A great deal of the current political debate in Washington, D.C., centers on the deficit and the debt. These issues relate back to the current debate over the federal budget and raising the so-called debt ceiling.
The debt of the United States is the amount of money the U.S. government owes to entities that hold securities issued by the U.S. government. The government incurs this debt to finance government activities like providing for the national defense; paying for Medicare, Medicaid and Social Security; federal student loans; farm programs; paying interest on the debt; and any number of other items that are contained in the federal budget. Since the founding of the United States, the government has made it a policy to pay its debts. Debt obligations — like Treasury bills, notes and bonds — are issued with the full faith and credit of the U.S. In the more than 220 years the government has existed, the United States has never defaulted and failed to pay on its debts.
There are generally two kinds of Treasury debt: debt held by the public and debt held by entities of the government. At the end of 2010, debt held by the public was estimated at $9 trillion. Of that, 53 percent is held by U.S. citizens and institutions and 47 percent is held by foreigners. The three largest foreign holders of U.S. debt are China, Japan and the United Kingdom.
The Department of the Treasury borrows money by selling bills, which are short-term debt instruments; notes, which are medium-term debt instruments; and bonds, which are long-term debt instruments, at public auctions. The Treasury also issues debt to other federal accounts, such as the Social Security Trust Fund. The Treasury raises money to pay for government operations including interest on the debt by selling debt instruments to ordinary investors, institutions like the Federal Reserve and other banks, mutual funds, and to foreign governments. These transactions bring dollars into the Treasury’s accounts so it can pay the government’s bills as they become due.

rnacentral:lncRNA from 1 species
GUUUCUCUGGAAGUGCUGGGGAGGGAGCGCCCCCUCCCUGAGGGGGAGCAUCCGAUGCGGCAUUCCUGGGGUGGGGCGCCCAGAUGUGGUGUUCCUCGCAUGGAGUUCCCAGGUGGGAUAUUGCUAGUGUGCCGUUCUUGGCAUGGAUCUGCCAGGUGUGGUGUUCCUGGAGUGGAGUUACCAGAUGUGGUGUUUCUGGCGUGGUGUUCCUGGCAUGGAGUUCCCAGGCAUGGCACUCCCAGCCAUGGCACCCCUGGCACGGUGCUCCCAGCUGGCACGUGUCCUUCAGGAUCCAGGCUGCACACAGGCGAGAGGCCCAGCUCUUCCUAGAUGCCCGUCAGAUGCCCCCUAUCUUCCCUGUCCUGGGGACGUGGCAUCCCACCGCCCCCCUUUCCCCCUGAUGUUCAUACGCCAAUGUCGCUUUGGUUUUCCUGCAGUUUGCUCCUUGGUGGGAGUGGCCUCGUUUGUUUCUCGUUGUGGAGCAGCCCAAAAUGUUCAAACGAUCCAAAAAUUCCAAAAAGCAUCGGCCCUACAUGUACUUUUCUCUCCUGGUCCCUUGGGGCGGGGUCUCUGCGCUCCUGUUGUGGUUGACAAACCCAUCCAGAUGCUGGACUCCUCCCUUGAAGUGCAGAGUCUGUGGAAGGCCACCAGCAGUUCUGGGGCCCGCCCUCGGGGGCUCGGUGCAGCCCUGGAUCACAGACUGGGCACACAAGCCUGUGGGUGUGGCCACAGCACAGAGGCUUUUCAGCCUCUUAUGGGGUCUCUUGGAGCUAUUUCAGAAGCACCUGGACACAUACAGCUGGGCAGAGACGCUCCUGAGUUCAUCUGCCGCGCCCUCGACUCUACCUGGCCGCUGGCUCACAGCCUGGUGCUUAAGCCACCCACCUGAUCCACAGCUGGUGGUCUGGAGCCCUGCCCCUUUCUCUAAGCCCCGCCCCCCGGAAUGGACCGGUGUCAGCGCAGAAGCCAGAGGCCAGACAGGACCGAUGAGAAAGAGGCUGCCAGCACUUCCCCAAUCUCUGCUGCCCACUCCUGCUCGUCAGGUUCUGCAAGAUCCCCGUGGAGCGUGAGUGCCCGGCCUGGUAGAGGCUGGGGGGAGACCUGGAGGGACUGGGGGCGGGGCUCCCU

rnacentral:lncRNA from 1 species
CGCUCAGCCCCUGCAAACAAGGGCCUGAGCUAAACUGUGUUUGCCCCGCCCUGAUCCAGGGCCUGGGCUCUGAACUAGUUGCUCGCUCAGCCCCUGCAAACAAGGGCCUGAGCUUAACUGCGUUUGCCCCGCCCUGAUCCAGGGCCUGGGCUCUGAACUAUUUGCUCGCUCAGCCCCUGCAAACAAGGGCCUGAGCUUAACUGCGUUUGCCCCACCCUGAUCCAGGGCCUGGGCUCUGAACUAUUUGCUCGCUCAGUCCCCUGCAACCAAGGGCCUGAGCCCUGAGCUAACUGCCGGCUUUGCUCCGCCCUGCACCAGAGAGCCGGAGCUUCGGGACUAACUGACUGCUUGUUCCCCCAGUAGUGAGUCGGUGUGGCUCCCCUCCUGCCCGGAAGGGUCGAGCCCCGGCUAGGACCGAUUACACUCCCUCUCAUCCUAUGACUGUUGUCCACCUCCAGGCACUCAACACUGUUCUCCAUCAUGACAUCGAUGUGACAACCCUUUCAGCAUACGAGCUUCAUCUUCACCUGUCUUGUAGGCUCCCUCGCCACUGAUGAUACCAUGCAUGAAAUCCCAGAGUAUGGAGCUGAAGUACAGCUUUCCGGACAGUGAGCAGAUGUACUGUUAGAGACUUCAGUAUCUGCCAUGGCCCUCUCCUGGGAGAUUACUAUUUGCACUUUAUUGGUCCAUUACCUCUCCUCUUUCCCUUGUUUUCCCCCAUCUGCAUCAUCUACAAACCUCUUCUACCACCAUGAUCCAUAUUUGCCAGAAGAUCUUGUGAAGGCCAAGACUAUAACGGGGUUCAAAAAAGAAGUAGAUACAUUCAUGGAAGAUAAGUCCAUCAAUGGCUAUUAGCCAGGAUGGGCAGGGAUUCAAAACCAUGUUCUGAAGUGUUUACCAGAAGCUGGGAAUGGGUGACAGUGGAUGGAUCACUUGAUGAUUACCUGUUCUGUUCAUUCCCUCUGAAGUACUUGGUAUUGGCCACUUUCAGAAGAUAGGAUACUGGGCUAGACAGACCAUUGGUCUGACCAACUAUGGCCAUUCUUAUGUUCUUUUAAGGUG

The deficit is the annual difference between the amount the government spends and the amount the government receives in revenues. When government receipts are low and expenditures are high, there is a deficit. The way we bridge that gap is by borrowing money. Thus, this year’s deficit flows into the stock of total debt. Think of it like a stream flowing into a pond. When there is a larger deficit, the stream gets bigger and the size of the pond grows. When there is a surplus and some of the debt is paid off, the flow reverses and the pond gets smaller.
Another important consideration is the size of the debt and the deficit relative to the economy as a whole as measured by the gross domestic product (GDP). In recent years — and especially since the financial crisis that began in 2008 — the debt-to-GDP ratio has been increasing. According to the Congressional Budget Office (CBO), the debt-to-GDP ratio was 109 percent in 1946 just following World War II. In the years that followed, the U.S. did not pay off any of this debt through budget surpluses, but the debt-to-GDP ratio fell steadily because GDP expanded rapidly in the post war economic boom. The period between 1970 and 1980 saw both increases in debt and GDP due to inflation, but inflation grew the GDP more than debt and the debt-to-GDP ratio fell to 26 percent by 1980. During the 1980-1993 period, inflation was brought under control, but deficit spending was not and the debt-to-GDP ratio grew to 49 percent by 1993. Then policies were enacted that produced the first budget surpluses in decades and in 1997 and 2001, the government paid off some of the national debt while the economy continued to grow and the debt-to-GDP ratio fell to 33 percent in 2001, a level not seen since 1980.